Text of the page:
Balmond’s observations dovetail with a broader reading of ecology by the poet, Gary Snyder derived from the Greek oikos, or “household”. Conceived originally in terms of biological interrelationships and the flow of energy through organisms and inorganic matter, Snyder emphasizes the dynamics of relationship in wild natural process, maintaining that; “The wild is self creating, self maintaining, self propagating, self reliant, and self–actualizing, and it has no “self.” Our minds, imaginations, language can be called wild. Even our bodies, with their circulation, respiration and digestion are wild. In this sense ”wild” is a word for the intrinsic, non-theistic, forever-changing natural order (2007,47). The wilderness of the human body unfolds a creative potential where there are no presiding authorities but the chaos of nature itself and if we elaborate Balmond’s position, this becomes the fresh starting point in search of new relationships where the “edge of chance has shown its face.”
Human culture has been traditionally considered a practice that separates us from nature and yet this concept of the wild could be one of the dynamics that govern human creativity. If this might be so, how can the reconciliation of these dynamic processes serve as the conceptual basis for approaching construction? The exhilarated fascination with the speed and cross-pollination of computational processes with biological models can distract us from the slow movement of evolutionary process in nature. Our bodies remain in many ways, the product of the Savannah grasslands where it is thought we evolved hundreds of thousands of years ago. As a species, we may be displaced from our evolutionary milieu, but it continues to define us, nevertheless.
In this context, projects that attempt a sensual immersion in the wild, have a broad geographical provenance. The work of 3de-luxe group for instance, is based in Germany, Hernault Arnod’s in France. Lars Spuybroek projects are the Netherlands and an installation project by Philip Beesley is based in Canada.
3deluxe, Cocoon Club Interior
3deluxe, Cocoon Club Interior
3deluxe, Leonardo Cube Exterior
3deluxe, Leonardo Cube Interior
Beesley, Hylozoic Soil
Seding, Captive Leopard
experiments with extended textile fields of the 3deluxe group, (Figure
2) the form of the structures appear to respond to forces of organic growth.
As genuinely tangible segments of a digital and organic realm, they suggest
both the increasing convergence of biology and technology and an elimination
of the classic division between the building elements ceiling, wall, and
floor. (Figure 3) Moreover, they also imagine an architecture informed
by different scales of perception that observes life through a magnified
lens and imagines a symbiotic interface between the organic and the digital.
(Figure 4) In the subsequent production of neuron-like, ramified shapes
developed for the Cocoon Club or the Leonardo Glass Cube, nature serves
as the inspirational model at the molecular level; the built projects
preserving an uncanny virtuality of the digital realm within which they
were conceived. (Figure 5)
In the work of Hérault and Arnod, the curved contours of wind-shaped snowdrifts serve as the metaphorical inspiration for the alpine headquarters of the Rossignol, noted for their manufacture of ski equipment. Here an emphasis on the corporeal nature of architecture extends to a reciprocal relationship to the larger body of nature. (Figure 6)
In their project for the musée de Paladru, (located on wetlands that formed the sites of medieval and Neolithic settlements,) the project emerges like some mysterious stick insect adapted to its habitat. In Isabel Hérault’s words; “L’architecture-corps est génétique: l’action de former fait vivre la matière. Elle suppose un langage appropriée qui transforme.“ (Figures 7 and 8)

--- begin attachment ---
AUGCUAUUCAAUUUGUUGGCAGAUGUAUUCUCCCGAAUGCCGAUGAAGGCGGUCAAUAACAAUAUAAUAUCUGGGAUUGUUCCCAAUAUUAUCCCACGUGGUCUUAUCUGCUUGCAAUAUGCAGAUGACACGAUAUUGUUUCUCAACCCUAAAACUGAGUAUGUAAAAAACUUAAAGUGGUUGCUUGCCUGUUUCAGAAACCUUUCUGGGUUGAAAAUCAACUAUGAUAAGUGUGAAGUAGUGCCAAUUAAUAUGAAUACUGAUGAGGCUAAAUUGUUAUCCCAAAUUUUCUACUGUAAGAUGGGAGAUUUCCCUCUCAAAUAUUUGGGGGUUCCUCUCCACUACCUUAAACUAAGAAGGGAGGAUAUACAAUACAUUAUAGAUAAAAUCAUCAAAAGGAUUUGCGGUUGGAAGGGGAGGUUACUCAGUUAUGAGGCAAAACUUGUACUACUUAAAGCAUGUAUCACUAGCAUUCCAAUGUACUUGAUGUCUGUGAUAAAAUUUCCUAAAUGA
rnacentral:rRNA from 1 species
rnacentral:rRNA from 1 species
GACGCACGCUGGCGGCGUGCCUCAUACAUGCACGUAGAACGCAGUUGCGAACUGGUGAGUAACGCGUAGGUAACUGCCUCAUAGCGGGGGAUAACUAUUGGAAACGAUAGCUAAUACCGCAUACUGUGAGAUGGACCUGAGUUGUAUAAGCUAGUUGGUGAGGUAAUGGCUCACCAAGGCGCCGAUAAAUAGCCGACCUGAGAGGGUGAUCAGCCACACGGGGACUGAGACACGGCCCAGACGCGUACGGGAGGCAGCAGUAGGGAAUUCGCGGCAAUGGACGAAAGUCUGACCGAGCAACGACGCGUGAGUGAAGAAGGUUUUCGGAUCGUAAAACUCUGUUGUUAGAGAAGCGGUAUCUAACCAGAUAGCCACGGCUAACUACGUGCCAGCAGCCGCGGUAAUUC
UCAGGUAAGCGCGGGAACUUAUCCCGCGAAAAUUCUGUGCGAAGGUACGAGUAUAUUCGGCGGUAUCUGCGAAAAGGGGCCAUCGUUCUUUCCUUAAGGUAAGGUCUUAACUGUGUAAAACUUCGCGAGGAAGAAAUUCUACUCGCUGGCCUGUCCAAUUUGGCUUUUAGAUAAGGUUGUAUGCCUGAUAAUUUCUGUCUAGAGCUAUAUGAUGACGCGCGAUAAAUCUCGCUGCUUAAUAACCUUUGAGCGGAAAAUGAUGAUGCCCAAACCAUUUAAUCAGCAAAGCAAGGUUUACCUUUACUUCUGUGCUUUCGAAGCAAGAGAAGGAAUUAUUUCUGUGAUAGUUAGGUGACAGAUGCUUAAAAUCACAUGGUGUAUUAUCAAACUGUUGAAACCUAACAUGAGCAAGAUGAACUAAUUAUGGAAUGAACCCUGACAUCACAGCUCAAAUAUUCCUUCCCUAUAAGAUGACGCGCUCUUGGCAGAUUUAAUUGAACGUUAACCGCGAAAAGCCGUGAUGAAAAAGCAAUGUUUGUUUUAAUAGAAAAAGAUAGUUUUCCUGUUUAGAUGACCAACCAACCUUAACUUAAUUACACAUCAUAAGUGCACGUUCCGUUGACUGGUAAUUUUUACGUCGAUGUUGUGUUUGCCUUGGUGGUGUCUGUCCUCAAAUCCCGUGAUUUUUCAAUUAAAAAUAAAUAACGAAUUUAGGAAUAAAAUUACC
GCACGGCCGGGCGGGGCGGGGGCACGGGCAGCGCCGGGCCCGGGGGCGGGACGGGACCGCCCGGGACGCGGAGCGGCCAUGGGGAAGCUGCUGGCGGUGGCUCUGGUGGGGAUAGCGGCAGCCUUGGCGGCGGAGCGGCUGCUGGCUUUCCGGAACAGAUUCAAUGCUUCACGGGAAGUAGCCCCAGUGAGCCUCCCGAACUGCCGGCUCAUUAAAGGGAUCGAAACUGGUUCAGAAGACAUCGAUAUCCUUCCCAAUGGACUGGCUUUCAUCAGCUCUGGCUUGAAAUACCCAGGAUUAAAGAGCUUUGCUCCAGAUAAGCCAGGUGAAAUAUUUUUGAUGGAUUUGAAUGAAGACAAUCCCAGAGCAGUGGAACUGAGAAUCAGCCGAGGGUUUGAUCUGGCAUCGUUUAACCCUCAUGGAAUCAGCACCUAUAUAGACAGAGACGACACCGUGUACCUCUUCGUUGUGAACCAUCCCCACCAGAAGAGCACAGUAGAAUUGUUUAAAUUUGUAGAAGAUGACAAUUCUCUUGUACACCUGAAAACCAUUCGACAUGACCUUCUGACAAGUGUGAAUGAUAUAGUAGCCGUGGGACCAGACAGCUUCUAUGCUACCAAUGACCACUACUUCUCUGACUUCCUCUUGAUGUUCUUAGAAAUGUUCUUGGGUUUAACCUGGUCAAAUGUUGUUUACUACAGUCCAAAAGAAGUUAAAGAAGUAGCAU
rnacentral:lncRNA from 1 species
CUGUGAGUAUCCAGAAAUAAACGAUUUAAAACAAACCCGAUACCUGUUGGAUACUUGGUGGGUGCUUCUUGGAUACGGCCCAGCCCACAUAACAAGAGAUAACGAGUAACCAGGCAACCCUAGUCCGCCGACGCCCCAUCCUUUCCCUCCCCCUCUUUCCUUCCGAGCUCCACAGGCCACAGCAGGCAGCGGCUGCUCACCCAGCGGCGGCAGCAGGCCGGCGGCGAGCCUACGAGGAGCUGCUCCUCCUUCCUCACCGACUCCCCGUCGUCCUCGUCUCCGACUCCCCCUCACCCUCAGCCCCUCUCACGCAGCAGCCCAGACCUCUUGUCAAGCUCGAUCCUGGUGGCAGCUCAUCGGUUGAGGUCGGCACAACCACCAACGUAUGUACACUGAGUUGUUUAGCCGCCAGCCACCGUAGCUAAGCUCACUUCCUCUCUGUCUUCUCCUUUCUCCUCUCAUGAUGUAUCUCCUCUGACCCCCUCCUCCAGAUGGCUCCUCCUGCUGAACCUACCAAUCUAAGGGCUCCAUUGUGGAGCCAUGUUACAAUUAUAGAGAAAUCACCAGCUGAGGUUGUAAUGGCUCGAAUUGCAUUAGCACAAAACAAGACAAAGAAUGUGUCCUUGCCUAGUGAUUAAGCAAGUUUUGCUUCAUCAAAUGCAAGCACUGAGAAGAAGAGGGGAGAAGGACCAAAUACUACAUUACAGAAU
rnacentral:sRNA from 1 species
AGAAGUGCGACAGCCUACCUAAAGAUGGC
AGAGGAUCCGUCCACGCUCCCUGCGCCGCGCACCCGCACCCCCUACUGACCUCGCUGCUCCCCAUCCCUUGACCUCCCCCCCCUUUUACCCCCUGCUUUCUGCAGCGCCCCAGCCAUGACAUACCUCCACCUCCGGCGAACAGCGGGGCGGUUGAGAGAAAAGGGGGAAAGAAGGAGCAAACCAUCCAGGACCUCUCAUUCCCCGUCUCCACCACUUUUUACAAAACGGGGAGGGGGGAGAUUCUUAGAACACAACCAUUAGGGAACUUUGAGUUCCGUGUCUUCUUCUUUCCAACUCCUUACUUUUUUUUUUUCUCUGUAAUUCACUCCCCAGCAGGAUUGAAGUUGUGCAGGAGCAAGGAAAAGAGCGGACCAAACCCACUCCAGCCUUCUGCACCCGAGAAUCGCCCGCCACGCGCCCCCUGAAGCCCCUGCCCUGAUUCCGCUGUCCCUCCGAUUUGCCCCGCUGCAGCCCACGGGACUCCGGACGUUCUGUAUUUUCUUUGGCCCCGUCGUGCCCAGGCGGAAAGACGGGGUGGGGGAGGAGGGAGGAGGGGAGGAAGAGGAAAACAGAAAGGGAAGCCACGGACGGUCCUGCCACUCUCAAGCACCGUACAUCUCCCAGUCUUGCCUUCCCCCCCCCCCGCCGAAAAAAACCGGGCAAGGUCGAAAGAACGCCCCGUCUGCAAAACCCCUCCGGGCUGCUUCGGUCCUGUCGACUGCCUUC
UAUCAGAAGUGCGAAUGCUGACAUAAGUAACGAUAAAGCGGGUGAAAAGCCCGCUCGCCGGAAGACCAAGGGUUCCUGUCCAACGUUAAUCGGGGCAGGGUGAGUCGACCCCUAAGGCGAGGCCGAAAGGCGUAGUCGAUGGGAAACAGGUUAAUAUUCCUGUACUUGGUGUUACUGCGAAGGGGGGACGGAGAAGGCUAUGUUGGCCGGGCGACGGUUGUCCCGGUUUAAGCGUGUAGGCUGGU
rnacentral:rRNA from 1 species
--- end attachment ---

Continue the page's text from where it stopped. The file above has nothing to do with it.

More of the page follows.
These projects suggest that Genetic architecture is not simply shaped by issues of new form and technology but by other considerations. The uncanny configurations of space generated by these approaches allude to the importance to the human body in its spatio-temporality, sexuality, mobility and expressiveness. If we follow the memetic trajectory, there appears to be some evolutionary trait in us that wants to aestheticise the interactions between ourselves and the world.
Part of the attraction might lie in a mode of perception, described by the psychologist J.J. Gibson as ‘topological’ (Gibson 1976; Casey 1993) an observation that resonates with the concerns raised by Balmond earlier. This way of experiencing space differs from the more familiar Cartesian schema, and may relate to a more kinesthetic sense of engagement in the world. Once we are comfortably ‘habituated’ in a Cartesian environment, we tend to close out the larger world of nature. If we return to Gehry’s experimentations with zoomorphic images however, as with the work of Hérault-Arnod, we witness a complex dialectic between formal Cartesian geometries and topographies of chance that assert a collusion with wilderness; the constant perceptual shifts in the architecture, displace any notion of a habitual centering schema. In a similar sense Lars Spuybroek has utilized the term ‘topological vagueness’ to describe the movement-architecture relationship. The Nox studio project for a water Pavilion for instance, acquires an undulating formal character through the assembly of variable porticos, much in the manner that Antonio Gaudi over a century ago. Through this application, architecture acquires a language of movement, i.e. ’splitting’, ‘merging’, bending’, twisting,’ which enable architecture to move “without the actual moving of the building.” (227) For Spuybroek, the questions of posture, perception and activity are architectural relationships designated as ’motor geometry’; the “abstract movement in building, with its transformative geometry, that relates directly to the real movement of the body.” (97)